Q: My husband was a professional orchestra musician who collected antique musical instruments. Since his death, I have many fine pieces to donate or sell. How do I start?

A: It’s sad but true that the trade in musical instruments is rife with scam artists. In any area such as this where there is potential for big money, shady characters operate.

Without knowing particulars on content or condition, we do know that while the collection may or may not amount to a lot, learning that it does after it’s gone would be heartbreaking.

Selling potentially valuable antique instruments is no place for an unprepared novice. Our reader needs to proceed carefully and with caution.

Options are to donate or sell. Think this one through. You want the instruments to be housed and-or used where they are appreciated. So, donation to an institution for use could be problematic if pieces are a wreck.

My thinking is that the reader could have overlooked a goldmine of expertise. How about musical colleagues? Could your husband’s fellow players make suggestions about where to donate or sell? I’d certainly start there.

The players would also be an excellent source on trusted repair persons to consult, as well as vetted buyers and sellers.

I’ll bet the musicians also know of other collectors who faced the same quandary. Find out how they solved their problem.

If our reader wants a professional opinion on the collection’s content and current value, professional appraisal is needed. (See FYI for a list of sources.) Sometimes fees can be kept down by agreeing to a verbal summation instead of a detailed written version. Negotiate.

Several auction houses have dedicated sales of fine instruments. If the goods fit that category, shop them around. If auctions agree to take the lot, they can set estimates. With an appraisal in hand, you’ll know if they’re in the ballpark.

Yes, all this involves work. That’s how selling goes.

FYI: To find a professional appraiser in your area, key Appraisers Association of America, appraisersassoc.org; International Society of Appraisers, isa-appraisers.org; or American Society of Appraisers at appraisers.org.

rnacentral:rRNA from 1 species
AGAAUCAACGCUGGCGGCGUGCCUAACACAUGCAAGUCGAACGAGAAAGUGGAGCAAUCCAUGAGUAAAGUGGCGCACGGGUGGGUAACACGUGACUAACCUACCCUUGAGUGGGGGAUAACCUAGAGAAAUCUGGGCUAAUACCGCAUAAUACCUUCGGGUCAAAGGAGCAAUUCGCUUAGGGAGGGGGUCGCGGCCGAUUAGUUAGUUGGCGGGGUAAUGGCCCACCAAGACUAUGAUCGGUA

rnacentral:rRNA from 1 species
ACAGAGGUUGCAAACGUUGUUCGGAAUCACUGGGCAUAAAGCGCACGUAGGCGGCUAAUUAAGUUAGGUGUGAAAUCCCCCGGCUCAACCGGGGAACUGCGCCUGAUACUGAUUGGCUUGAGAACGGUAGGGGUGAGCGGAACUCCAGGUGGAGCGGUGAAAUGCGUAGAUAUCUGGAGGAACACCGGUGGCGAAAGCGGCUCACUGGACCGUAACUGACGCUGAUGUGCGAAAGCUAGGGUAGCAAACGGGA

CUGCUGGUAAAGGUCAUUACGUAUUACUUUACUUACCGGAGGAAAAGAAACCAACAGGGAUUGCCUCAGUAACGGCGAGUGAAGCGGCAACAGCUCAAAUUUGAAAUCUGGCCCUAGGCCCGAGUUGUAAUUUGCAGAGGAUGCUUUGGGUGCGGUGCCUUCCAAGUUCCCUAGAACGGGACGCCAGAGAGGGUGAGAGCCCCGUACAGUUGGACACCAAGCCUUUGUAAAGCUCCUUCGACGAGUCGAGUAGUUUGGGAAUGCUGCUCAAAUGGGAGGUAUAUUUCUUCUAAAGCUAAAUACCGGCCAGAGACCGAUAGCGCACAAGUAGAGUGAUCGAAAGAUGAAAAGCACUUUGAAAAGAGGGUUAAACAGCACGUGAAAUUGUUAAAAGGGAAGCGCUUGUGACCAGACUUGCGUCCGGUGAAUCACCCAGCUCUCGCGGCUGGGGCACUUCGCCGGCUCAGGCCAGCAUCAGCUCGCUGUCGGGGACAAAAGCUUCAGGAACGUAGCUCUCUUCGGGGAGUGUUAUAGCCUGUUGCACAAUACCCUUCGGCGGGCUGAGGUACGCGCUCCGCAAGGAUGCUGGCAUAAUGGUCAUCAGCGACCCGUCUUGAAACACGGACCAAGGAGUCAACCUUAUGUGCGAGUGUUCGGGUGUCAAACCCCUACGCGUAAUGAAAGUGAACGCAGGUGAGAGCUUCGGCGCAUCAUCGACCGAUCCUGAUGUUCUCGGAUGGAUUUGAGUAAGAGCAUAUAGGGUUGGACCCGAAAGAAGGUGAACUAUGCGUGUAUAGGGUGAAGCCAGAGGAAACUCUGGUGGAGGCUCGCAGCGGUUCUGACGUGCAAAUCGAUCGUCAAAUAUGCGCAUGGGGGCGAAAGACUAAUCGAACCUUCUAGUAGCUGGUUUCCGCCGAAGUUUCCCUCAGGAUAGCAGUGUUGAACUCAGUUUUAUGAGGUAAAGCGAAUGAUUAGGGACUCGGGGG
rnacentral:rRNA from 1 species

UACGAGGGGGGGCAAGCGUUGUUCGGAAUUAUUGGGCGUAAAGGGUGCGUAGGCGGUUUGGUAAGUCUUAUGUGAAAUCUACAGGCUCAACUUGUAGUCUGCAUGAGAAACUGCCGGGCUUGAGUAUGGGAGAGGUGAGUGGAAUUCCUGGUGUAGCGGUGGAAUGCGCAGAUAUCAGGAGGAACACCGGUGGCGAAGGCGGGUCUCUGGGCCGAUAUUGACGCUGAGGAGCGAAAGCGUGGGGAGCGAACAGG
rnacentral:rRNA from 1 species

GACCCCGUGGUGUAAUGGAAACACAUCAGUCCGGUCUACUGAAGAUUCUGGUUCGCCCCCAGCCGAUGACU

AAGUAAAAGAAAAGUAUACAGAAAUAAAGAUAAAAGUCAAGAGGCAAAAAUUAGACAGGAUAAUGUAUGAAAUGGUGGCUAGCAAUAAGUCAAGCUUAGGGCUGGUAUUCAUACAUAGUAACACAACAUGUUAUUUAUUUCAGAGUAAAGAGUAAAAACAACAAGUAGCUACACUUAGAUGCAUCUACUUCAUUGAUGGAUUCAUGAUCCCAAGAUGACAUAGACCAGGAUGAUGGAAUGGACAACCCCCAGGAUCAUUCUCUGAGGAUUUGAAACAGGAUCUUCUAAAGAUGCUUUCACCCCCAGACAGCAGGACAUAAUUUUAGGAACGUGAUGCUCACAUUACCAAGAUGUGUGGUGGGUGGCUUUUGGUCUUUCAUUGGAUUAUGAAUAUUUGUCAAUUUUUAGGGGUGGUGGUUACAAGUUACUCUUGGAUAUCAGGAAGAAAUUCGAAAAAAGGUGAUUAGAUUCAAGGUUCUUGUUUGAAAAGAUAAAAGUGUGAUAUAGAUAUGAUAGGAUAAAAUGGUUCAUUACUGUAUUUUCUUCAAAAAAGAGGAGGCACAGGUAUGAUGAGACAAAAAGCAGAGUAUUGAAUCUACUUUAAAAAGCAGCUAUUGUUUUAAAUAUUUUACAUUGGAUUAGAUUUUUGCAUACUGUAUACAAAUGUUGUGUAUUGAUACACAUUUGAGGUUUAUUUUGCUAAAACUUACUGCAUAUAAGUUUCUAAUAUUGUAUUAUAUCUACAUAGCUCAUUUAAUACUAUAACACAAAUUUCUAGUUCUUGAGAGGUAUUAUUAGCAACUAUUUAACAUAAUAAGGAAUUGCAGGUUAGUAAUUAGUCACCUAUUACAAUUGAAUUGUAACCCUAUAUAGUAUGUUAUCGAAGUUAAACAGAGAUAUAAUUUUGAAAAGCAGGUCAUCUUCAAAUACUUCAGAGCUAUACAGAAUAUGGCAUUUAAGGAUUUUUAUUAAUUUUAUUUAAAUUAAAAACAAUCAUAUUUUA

Q: How do I find value on my Imari and Kutani collection? Some of the pieces are more than 100 years old.

A: To clue readers, Kutani is a pottery style named for a territory in Japan. The oldest, going back to the mid-1600s, is art pottery and quite dull looking compared to later pieces. Original pieces are valuable today.

Imari is a Japanese design style in porcelain that became a rage during the late 16th to 17th centuries in England and the continent as goods from Japan were introduced through trade. Traditional Imari patterns featured geometric schemes combined with stylized florals in deep, rich colors.

By the late 1800s, large amounts of both Imari and Kutani were made expressly for export. Both are made to this day, both in traditional Japanese style and with Western influences.

Later pieces of Kutani with a red ground, such as the reader’s, show Chinese influence. That’s what we see in the reader’s excellent images. BTW, most shapes viewed are standard, consisting mainly of vases and some urns.

Serious collectors draw a line between very old and newer versions of both patterns. The reader’s decorative porcelains date from the mid-19th century to WWI, when boatloads were made for export. Because so much was made, a lot still survives.

I suggest a look on liveauctioneers.com for a review of sold vases, etc., of both types. Similar Kutani ranges from $50-$275. Imari has about the same range, with more for unusual forms. Many vases realized about $200.

Auction action

These days, certain antique Tiffany silver is better than money in the bank.

When Morphy Auctions in Denver, Pa., sold Tiffany serving pieces, a pair of circa 1882 sterling center bowls with wavy rims and footed bases brought $134,000. A pair of ornate 9-arm candelabra sold for $111,600. All pieces were richly embossed with nautical images, including mermaids, tritons and seahorses. All four pieces sold to a New York bidder.

Here’s an interesting fact: A single candelabra of the same design sold at another auction house for $20,000. The candleholders are more valuable as a pair than as singles.

Collector quiz

Q: Today’s quiz has three parts:

1. Were most Imari porcelains exported from Japan during the heyday of production marked?

2. Was Imari made in figural form? Was Kutani?

3. Name two popular Imari themes in decoration. Name two different themes used to decorate Kutani.

A: Answers are 1-No; 2-Yes, both were formed as people and animals; 3-Imari themes include florals and dragons. Kutani are landscapes and people. Source: “Japanese Export Ceramics 1860-1920” by Nancy Schiffer (Schiffer, $49.95). Prices reflect 2000 publication date.

Danielle Arnet welcomes questions from readers. She cannot respond to each one individually, but will answer those of general interest in her column. Send email to smartcollector@comcast.net or write Danielle Arnet, c/o Tribune Media Services, 435 N. Michigan Ave., Suite 1400, Chicago, IL 60611. Please include an address in your query. Photos cannot be returned.